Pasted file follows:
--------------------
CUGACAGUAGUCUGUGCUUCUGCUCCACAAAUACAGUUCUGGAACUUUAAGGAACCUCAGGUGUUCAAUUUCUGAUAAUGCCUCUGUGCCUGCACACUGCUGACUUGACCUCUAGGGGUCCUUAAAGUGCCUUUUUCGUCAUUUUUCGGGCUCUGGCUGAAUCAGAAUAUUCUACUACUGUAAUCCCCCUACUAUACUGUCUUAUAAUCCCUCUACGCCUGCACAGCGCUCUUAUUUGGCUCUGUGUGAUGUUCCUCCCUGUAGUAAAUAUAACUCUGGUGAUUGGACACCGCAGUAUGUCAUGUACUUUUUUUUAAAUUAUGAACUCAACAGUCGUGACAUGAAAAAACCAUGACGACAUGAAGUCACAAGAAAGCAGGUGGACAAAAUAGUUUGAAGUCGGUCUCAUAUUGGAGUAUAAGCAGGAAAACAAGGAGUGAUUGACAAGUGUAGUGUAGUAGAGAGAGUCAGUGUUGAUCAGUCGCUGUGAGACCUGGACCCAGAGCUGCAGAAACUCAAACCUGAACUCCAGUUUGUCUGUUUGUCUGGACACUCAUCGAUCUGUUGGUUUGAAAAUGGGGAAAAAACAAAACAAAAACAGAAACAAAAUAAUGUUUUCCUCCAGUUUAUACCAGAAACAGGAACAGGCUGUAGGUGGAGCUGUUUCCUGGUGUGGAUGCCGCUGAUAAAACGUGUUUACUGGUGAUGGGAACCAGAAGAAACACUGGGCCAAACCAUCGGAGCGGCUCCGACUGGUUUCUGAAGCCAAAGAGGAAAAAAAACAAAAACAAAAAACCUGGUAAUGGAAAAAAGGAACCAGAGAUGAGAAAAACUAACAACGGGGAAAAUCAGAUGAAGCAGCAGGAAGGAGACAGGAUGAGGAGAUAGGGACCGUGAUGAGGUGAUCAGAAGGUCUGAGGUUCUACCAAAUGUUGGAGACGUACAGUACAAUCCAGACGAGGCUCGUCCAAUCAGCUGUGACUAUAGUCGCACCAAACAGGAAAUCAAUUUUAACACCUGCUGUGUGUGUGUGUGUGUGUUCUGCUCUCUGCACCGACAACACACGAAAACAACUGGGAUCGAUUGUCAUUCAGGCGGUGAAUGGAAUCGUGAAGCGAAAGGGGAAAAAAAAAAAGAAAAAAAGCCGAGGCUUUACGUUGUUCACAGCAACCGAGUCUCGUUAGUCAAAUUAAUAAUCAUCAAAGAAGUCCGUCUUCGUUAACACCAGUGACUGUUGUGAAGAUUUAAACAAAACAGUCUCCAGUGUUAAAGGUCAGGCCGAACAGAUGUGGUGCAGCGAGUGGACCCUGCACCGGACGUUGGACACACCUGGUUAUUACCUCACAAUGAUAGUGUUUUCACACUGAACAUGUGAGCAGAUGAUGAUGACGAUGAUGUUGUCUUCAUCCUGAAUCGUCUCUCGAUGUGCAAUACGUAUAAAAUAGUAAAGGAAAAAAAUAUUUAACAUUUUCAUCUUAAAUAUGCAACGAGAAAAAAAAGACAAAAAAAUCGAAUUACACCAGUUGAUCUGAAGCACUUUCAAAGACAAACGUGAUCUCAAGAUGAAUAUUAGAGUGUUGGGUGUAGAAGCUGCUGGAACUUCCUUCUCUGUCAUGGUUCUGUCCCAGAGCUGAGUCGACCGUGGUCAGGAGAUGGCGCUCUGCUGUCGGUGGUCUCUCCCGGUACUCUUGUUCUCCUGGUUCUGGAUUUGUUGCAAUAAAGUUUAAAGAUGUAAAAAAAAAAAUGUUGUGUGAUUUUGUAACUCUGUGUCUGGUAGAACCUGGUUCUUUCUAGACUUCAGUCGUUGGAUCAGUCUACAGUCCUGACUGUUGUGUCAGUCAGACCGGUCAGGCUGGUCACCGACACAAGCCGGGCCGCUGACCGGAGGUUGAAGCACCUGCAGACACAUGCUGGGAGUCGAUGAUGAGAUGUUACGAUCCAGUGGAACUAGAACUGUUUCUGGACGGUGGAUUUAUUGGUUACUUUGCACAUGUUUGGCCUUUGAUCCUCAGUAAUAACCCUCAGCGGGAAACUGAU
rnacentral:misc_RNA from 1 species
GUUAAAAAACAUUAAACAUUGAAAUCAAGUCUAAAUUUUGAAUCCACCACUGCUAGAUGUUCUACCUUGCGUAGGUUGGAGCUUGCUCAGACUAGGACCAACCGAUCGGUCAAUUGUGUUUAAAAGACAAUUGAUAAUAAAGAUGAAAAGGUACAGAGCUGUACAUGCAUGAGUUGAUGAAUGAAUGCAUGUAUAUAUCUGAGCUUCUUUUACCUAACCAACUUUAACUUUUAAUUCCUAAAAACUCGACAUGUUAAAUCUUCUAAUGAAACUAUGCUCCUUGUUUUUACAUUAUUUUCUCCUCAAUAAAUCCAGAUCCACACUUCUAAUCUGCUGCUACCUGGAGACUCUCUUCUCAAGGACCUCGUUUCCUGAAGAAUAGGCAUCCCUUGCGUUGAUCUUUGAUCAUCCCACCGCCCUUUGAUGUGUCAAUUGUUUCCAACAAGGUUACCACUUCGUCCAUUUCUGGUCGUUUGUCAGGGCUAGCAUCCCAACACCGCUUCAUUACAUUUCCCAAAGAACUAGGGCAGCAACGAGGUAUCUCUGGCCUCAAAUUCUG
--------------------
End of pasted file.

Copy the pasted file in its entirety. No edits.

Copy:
CUGACAGUAGUCUGUGCUUCUGCUCCACAAAUACAGUUCUGGAACUUUAAGGAACCUCAGGUGUUCAAUUUCUGAUAAUGCCUCUGUGCCUGCACACUGCUGACUUGACCUCUAGGGGUCCUUAAAGUGCCUUUUUCGUCAUUUUUCGGGCUCUGGCUGAAUCAGAAUAUUCUACUACUGUAAUCCCCCUACUAUACUGUCUUAUAAUCCCUCUACGCCUGCACAGCGCUCUUAUUUGGCUCUGUGUGAUGUUCCUCCCUGUAGUAAAUAUAACUCUGGUGAUUGGACACCGCAGUAUGUCAUGUACUUUUUUUUAAAUUAUGAACUCAACAGUCGUGACAUGAAAAAACCAUGACGACAUGAAGUCACAAGAAAGCAGGUGGACAAAAUAGUUUGAAGUCGGUCUCAUAUUGGAGUAUAAGCAGGAAAACAAGGAGUGAUUGACAAGUGUAGUGUAGUAGAGAGAGUCAGUGUUGAUCAGUCGCUGUGAGACCUGGACCCAGAGCUGCAGAAACUCAAACCUGAACUCCAGUUUGUCUGUUUGUCUGGACACUCAUCGAUCUGUUGGUUUGAAAAUGGGGAAAAAACAAAACAAAAACAGAAACAAAAUAAUGUUUUCCUCCAGUUUAUACCAGAAACAGGAACAGGCUGUAGGUGGAGCUGUUUCCUGGUGUGGAUGCCGCUGAUAAAACGUGUUUACUGGUGAUGGGAACCAGAAGAAACACUGGGCCAAACCAUCGGAGCGGCUCCGACUGGUUUCUGAAGCCAAAGAGGAAAAAAAACAAAAACAAAAAACCUGGUAAUGGAAAAAAGGAACCAGAGAUGAGAAAAACUAACAACGGGGAAAAUCAGAUGAAGCAGCAGGAAGGAGACAGGAUGAGGAGAUAGGGACCGUGAUGAGGUGAUCAGAAGGUCUGAGGUUCUACCAAAUGUUGGAGACGUACAGUACAAUCCAGACGAGGCUCGUCCAAUCAGCUGUGACUAUAGUCGCACCAAACAGGAAAUCAAUUUUAACACCUGCUGUGUGUGUGUGUGUGUGUUCUGCUCUCUGCACCGACAACACACGAAAACAACUGGGAUCGAUUGUCAUUCAGGCGGUGAAUGGAAUCGUGAAGCGAAAGGGGAAAAAAAAAAAGAAAAAAAGCCGAGGCUUUACGUUGUUCACAGCAACCGAGUCUCGUUAGUCAAAUUAAUAAUCAUCAAAGAAGUCCGUCUUCGUUAACACCAGUGACUGUUGUGAAGAUUUAAACAAAACAGUCUCCAGUGUUAAAGGUCAGGCCGAACAGAUGUGGUGCAGCGAGUGGACCCUGCACCGGACGUUGGACACACCUGGUUAUUACCUCACAAUGAUAGUGUUUUCACACUGAACAUGUGAGCAGAUGAUGAUGACGAUGAUGUUGUCUUCAUCCUGAAUCGUCUCUCGAUGUGCAAUACGUAUAAAAUAGUAAAGGAAAAAAAUAUUUAACAUUUUCAUCUUAAAUAUGCAACGAGAAAAAAAAGACAAAAAAAUCGAAUUACACCAGUUGAUCUGAAGCACUUUCAAAGACAAACGUGAUCUCAAGAUGAAUAUUAGAGUGUUGGGUGUAGAAGCUGCUGGAACUUCCUUCUCUGUCAUGGUUCUGUCCCAGAGCUGAGUCGACCGUGGUCAGGAGAUGGCGCUCUGCUGUCGGUGGUCUCUCCCGGUACUCUUGUUCUCCUGGUUCUGGAUUUGUUGCAAUAAAGUUUAAAGAUGUAAAAAAAAAAAUGUUGUGUGAUUUUGUAACUCUGUGUCUGGUAGAACCUGGUUCUUUCUAGACUUCAGUCGUUGGAUCAGUCUACAGUCCUGACUGUUGUGUCAGUCAGACCGGUCAGGCUGGUCACCGACACAAGCCGGGCCGCUGACCGGAGGUUGAAGCACCUGCAGACACAUGCUGGGAGUCGAUGAUGAGAUGUUACGAUCCAGUGGAACUAGAACUGUUUCUGGACGGUGGAUUUAUUGGUUACUUUGCACAUGUUUGGCCUUUGAUCCUCAGUAAUAACCCUCAGCGGGAAACUGAU
rnacentral:misc_RNA from 1 species
GUUAAAAAACAUUAAACAUUGAAAUCAAGUCUAAAUUUUGAAUCCACCACUGCUAGAUGUUCUACCUUGCGUAGGUUGGAGCUUGCUCAGACUAGGACCAACCGAUCGGUCAAUUGUGUUUAAAAGACAAUUGAUAAUAAAGAUGAAAAGGUACAGAGCUGUACAUGCAUGAGUUGAUGAAUGAAUGCAUGUAUAUAUCUGAGCUUCUUUUACCUAACCAACUUUAACUUUUAAUUCCUAAAAACUCGACAUGUUAAAUCUUCUAAUGAAACUAUGCUCCUUGUUUUUACAUUAUUUUCUCCUCAAUAAAUCCAGAUCCACACUUCUAAUCUGCUGCUACCUGGAGACUCUCUUCUCAAGGACCUCGUUUCCUGAAGAAUAGGCAUCCCUUGCGUUGAUCUUUGAUCAUCCCACCGCCCUUUGAUGUGUCAAUUGUUUCCAACAAGGUUACCACUUCGUCCAUUUCUGGUCGUUUGUCAGGGCUAGCAUCCCAACACCGCUUCAUUACAUUUCCCAAAGAACUAGGGCAGCAACGAGGUAUCUCUGGCCUCAAAUUCUG